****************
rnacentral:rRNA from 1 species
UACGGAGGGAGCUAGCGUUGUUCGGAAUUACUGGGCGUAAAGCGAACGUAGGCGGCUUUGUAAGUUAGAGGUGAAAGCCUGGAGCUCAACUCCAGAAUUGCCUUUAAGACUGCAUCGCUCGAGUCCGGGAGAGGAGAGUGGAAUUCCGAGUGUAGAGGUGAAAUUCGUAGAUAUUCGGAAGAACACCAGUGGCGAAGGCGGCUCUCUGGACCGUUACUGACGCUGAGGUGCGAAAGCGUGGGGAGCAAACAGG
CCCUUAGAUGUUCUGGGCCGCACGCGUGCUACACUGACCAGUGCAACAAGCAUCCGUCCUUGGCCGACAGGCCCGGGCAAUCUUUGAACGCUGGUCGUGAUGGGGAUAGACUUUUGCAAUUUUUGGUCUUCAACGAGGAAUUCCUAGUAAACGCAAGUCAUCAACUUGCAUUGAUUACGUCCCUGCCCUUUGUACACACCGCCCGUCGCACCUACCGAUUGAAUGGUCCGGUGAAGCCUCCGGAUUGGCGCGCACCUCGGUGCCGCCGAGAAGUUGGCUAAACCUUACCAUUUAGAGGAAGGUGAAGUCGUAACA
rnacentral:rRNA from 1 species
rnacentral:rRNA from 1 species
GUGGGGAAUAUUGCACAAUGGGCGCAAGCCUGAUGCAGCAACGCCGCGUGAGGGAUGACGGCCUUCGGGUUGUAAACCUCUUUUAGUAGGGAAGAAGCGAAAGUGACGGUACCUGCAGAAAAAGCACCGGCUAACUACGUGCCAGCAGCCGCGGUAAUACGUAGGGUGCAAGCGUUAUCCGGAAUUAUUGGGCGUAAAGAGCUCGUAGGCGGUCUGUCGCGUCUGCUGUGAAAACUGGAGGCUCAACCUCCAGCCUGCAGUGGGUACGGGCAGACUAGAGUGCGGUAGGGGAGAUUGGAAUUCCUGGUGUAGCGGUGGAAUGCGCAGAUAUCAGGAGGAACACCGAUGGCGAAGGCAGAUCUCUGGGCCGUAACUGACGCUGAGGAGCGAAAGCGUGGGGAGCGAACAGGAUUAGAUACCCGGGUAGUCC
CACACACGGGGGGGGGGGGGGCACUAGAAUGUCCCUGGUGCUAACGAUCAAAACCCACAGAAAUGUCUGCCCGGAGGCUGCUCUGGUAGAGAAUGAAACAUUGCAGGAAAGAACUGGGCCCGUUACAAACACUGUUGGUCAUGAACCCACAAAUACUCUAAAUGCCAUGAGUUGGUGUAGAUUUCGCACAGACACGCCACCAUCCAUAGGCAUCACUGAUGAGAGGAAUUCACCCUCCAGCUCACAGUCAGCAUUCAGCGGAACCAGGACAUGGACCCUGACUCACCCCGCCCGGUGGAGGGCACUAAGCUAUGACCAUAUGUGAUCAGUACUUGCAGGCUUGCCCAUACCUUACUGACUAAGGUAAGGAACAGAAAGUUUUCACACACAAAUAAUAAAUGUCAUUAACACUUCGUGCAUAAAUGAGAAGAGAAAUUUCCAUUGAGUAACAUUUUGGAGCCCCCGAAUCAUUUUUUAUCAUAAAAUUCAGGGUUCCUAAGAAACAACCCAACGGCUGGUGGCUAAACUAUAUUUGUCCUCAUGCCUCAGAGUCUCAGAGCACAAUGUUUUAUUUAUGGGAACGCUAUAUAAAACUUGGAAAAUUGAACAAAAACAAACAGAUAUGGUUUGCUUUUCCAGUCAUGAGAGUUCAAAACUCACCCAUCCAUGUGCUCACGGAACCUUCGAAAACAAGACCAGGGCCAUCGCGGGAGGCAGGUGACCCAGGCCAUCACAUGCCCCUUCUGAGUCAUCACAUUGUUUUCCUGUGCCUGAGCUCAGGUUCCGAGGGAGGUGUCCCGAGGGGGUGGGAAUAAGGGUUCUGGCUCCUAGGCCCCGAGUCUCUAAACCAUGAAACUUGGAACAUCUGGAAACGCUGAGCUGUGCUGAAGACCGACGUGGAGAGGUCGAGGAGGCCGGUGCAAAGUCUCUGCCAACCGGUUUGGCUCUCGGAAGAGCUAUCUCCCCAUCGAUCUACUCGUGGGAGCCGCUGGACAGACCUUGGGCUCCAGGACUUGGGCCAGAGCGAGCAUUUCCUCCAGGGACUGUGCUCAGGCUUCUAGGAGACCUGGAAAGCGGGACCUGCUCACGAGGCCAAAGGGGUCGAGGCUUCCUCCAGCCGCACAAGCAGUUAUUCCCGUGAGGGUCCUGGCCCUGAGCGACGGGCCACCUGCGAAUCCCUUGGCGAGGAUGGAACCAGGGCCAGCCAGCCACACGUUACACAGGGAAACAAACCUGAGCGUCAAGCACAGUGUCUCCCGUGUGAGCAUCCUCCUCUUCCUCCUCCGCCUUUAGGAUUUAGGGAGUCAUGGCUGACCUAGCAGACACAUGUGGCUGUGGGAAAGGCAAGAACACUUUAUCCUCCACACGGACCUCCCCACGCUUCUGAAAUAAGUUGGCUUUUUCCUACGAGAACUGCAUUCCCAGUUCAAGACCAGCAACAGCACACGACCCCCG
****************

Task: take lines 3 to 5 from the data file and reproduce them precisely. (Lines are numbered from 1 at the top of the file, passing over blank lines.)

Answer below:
CCCUUAGAUGUUCUGGGCCGCACGCGUGCUACACUGACCAGUGCAACAAGCAUCCGUCCUUGGCCGACAGGCCCGGGCAAUCUUUGAACGCUGGUCGUGAUGGGGAUAGACUUUUGCAAUUUUUGGUCUUCAACGAGGAAUUCCUAGUAAACGCAAGUCAUCAACUUGCAUUGAUUACGUCCCUGCCCUUUGUACACACCGCCCGUCGCACCUACCGAUUGAAUGGUCCGGUGAAGCCUCCGGAUUGGCGCGCACCUCGGUGCCGCCGAGAAGUUGGCUAAACCUUACCAUUUAGAGGAAGGUGAAGUCGUAACA
rnacentral:rRNA from 1 species
rnacentral:rRNA from 1 species